Here’s an odd fact about residential building codes. Although they are universally accepted as vital to public safety (not to mention legally enforceable), very few colleges or universities systematically offer courses about their development, role, or application.
Thanks to research and a project by FLASH, a new online course about residential building codes is available online. Clemson University will be the first to offer it next year, with additional universities and professional associations soon to follow.
The course will fill a critical knowledge gap in the education and development of future professionals who impact the disaster safety and resilience movement, including construction managers, engineers, planners, risk managers, meteorologists, and more. The 32 module course is the result of more than two years of collaboration, research, and work by our team with our academic, private, and public sector partners, including FEMA.
We started by conducting surveys and literature reviews to define the need for a building codes course in higher education. Then, we worked to identify an efficient way to teach the information and test for mastery.
We now know—and have documented—that many professionals working in architecture firms, civil engineering companies, and construction say building codes are a worthy academic topic. They wish they had learned about them in college, and they recommend them for today’s students.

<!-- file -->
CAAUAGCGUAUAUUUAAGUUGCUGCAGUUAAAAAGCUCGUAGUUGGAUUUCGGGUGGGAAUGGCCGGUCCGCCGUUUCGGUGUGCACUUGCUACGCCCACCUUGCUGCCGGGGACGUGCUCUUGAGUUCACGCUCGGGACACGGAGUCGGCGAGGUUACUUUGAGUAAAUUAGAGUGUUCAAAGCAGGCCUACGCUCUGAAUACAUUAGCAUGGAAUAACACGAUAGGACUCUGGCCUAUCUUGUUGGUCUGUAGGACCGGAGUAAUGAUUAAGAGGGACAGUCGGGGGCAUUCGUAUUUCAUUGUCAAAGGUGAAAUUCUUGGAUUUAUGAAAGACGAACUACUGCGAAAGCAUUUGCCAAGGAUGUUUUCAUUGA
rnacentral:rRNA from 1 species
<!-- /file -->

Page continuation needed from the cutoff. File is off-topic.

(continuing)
There is also growing understanding inside colleges and universities that building code knowledge will help students better understand their industries.
For our part, as you can imagine, we see this knowledge as essential to creating a disaster-resilient nation.
That’s why we’re also making it available outside academic settings. In addition to use in college coursework under the guidance of a professor, the course can be taken as a free, self-directed, non-credit course.
Topics are broad-based with topics on the history, purpose, and practical applications of building codes through discussions and assignments in each module. Students will complete interesting projects and apply codes to real-world problems, so they have an overview of the development of codes as well as how they apply to the design and construction industries.
One of the most fundamental aspects of our work to advance disaster resilience is the need to embed basic appreciation and understanding of technical information into society. The next generation of professionals must appreciate that building codes are a nonnegotiable necessity to create resilient communities that withstand and bounce back from disasters. This new course is one effort to educate the creators of our future built environment.